OPINION: Laborious Transit Experience at Beijing International Airport

Beijing Capital International Airport (Photo provided by 颐园新居 (Own work) [CC BY-SA 3.0 (http://creativecommons.org/licenses/by-sa/3.0)], via Wikimedia Commons)

Back when my wife and I were booking flights for our trip from Montreal to Mumbai, we had many options to choose from. There were obviously numerous possibilities via Europe, the Middle East and USA, including:
– Air Canada / Lufthansa via Frankfurt or Munich
– British Airways via London
– Air France / KLM via Paris or Amsterdam
– Swiss Air via Zurich
– United via New Jersey (Newark)
– Qatar Airways via Doha

But, for a change, a new route via an Asian hub stood out due to its economical pricing. Air China’s newly launched route from Montreal (YUL) to Beijing (PEK) began on September 29th as a code share with Air Canada. Using the Boeing 777-300ER aircraft, the route is being flown three times a week and is the only one directly connecting Montreal with Asia. With the launch of non-stop YUL-PEK service, the Star Alliance carriers promised to offer convenient connections and seamless transfers for customers to other cities in China, Canada, and the United States via their hubs in Beijing and Montreal. Beijing can now boast of expanded connectivity to Canada with direct flights to three of its biggest cities: Vancouver, Toronto and Montreal.

China’s main international airport is located 32 km (20 mi) northeast of Beijing’s city center. The airport is owned and operated by the Beijing Capital International Airport Company Limited, a state-controlled company. It is the main hub for Air China, and the flag carrier of the People’s Republic of China, which flies to around 120 destinations (excluding cargo) from Beijing. Hainan Airlines and China Southern Airlines also use the airport as their hub. Beijing Capital has rapidly ascended in rankings of the world’s busiest airports in the past decade. It is Asia’s second busiest airport in terms of passenger traffic since 2010. Spanning over 3,700 acres (1,480 hectares) of land, the airport is well planned, designed and financed. Terminal 3 is the second largest airport terminal in the world.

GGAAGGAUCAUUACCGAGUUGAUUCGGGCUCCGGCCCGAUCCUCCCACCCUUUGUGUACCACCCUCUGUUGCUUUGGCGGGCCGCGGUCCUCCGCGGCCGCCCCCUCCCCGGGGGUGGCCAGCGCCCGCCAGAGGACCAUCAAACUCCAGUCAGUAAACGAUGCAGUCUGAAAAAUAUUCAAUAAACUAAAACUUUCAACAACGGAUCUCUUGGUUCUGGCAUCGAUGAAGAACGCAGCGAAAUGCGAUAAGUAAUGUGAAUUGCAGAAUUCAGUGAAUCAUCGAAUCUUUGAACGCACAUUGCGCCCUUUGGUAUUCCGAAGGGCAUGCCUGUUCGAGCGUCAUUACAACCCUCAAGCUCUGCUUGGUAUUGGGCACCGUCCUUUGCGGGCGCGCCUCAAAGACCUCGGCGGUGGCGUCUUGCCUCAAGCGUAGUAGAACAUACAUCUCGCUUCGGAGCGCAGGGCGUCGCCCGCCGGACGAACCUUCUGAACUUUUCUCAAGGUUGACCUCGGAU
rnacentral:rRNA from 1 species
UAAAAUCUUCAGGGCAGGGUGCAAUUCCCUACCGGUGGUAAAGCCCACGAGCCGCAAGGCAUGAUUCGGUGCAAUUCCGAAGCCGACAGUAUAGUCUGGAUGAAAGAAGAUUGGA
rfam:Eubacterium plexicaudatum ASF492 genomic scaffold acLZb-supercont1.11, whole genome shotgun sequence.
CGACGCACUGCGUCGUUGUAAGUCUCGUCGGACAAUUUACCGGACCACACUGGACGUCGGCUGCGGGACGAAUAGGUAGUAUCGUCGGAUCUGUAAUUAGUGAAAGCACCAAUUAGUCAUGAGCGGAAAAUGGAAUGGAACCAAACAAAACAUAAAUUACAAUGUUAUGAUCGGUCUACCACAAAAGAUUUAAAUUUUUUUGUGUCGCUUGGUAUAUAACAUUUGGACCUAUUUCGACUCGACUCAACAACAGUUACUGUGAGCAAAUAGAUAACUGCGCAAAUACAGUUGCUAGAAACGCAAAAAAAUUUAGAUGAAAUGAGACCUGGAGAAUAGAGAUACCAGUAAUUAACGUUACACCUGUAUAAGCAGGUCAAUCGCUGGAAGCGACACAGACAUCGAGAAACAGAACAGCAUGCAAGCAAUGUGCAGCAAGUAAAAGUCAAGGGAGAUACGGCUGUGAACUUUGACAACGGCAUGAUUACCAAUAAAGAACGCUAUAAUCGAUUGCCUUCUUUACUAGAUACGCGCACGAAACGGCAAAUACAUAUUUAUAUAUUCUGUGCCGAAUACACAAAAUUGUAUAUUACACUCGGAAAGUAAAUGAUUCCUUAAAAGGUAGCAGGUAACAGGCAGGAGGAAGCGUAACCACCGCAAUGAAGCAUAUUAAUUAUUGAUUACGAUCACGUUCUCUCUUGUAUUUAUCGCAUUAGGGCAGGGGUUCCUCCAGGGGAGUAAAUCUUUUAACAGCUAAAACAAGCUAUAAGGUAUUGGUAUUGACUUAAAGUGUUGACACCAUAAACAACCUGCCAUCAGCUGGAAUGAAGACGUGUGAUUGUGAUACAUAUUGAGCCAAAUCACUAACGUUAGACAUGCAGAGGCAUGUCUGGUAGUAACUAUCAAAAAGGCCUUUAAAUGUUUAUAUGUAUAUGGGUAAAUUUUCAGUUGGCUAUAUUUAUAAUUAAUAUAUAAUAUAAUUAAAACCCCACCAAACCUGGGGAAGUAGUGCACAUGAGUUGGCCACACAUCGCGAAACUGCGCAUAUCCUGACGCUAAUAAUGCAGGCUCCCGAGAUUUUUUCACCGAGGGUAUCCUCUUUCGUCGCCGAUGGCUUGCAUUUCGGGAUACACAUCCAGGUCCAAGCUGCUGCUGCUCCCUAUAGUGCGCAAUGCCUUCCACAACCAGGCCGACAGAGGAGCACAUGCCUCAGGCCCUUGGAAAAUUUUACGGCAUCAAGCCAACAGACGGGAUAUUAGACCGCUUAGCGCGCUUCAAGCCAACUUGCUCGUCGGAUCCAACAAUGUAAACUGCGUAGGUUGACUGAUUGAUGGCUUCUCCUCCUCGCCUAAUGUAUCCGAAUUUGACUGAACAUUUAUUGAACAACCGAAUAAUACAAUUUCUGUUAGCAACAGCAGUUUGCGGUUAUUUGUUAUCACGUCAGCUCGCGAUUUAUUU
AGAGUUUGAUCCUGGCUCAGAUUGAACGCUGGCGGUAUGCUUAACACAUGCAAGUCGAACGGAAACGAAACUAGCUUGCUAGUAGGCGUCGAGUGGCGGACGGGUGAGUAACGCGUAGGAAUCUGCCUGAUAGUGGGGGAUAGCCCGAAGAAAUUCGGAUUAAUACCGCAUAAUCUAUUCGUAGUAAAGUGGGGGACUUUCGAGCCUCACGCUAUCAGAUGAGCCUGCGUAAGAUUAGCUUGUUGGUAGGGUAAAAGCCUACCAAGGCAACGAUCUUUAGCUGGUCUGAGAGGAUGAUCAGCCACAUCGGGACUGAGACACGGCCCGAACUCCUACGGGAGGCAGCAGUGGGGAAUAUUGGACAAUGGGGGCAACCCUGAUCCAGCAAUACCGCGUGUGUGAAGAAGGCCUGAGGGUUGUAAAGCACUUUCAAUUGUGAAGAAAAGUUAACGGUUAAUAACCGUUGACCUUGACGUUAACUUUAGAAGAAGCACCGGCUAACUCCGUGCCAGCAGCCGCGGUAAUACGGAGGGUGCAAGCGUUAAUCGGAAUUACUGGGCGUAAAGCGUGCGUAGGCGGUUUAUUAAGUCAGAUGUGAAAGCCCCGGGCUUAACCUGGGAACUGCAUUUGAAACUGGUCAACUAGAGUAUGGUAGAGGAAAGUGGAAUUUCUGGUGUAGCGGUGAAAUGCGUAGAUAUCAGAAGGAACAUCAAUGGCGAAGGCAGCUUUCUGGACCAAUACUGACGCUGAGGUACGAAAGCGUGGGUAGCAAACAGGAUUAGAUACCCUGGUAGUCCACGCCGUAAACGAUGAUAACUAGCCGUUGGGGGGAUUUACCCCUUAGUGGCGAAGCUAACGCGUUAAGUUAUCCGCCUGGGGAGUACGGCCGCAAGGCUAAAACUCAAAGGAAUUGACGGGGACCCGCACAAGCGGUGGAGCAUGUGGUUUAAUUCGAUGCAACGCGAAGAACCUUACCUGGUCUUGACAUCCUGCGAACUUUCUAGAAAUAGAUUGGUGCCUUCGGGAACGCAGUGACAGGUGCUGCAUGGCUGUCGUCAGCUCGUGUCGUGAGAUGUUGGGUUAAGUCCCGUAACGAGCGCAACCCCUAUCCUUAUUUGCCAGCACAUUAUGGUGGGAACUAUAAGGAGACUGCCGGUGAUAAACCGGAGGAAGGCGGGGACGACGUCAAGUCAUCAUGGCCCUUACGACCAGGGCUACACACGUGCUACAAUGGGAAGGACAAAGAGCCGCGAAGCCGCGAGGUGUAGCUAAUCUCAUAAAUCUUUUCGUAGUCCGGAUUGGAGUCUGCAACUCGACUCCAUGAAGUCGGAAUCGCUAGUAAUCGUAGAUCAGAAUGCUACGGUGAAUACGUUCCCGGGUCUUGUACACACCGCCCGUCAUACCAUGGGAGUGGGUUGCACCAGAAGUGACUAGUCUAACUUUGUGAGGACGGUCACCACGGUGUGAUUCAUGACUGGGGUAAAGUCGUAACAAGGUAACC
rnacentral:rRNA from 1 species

Unfortunately, Beijing International Airport disappoints on several operational fronts. The gate-to-gate terminal flow for transit passengers is cumbersome and lengthy. In addition to that, the scheduling of incoming and outgoing flights is not optimally coordinated.
All international flights arrive at Terminal 3. When a transit passenger deplanes into the international terminal, they must either proceed to the International Transit Control or the Domestic Transit Control. First, Beijing Airport has signs for “72-hour visa-free transit,” but they point to an immigration desk, which is confusing as one does not expect to go through immigration at this point in their journey. Secondly, there is no pre-arrival guidance given by Air China regarding the transit procedure. In our case, the queue was long and would have taken approximately 40-50 minutes. Luckily, an airport employee was aware of some imminent international departures and escorted us to the front of the line. The immigration officer did not stamp our passports but did make a note in their file and stamped our boarding passes. This step, in my opinion, is purely for airport record-keeping purposes and is quite redundant for international transit passengers.

The next phase was a passenger and baggage security checkpoint. Due to the convergence of many passengers, both transit and non-transit, at the same terminal, a secure area for transit passengers does not exist. This adds to an already lengthy process. Security checks are commonplace in airports where transit passengers have to change terminals or change from domestic to international. However, this is a rare occurrence for passengers transiting through the same international terminal.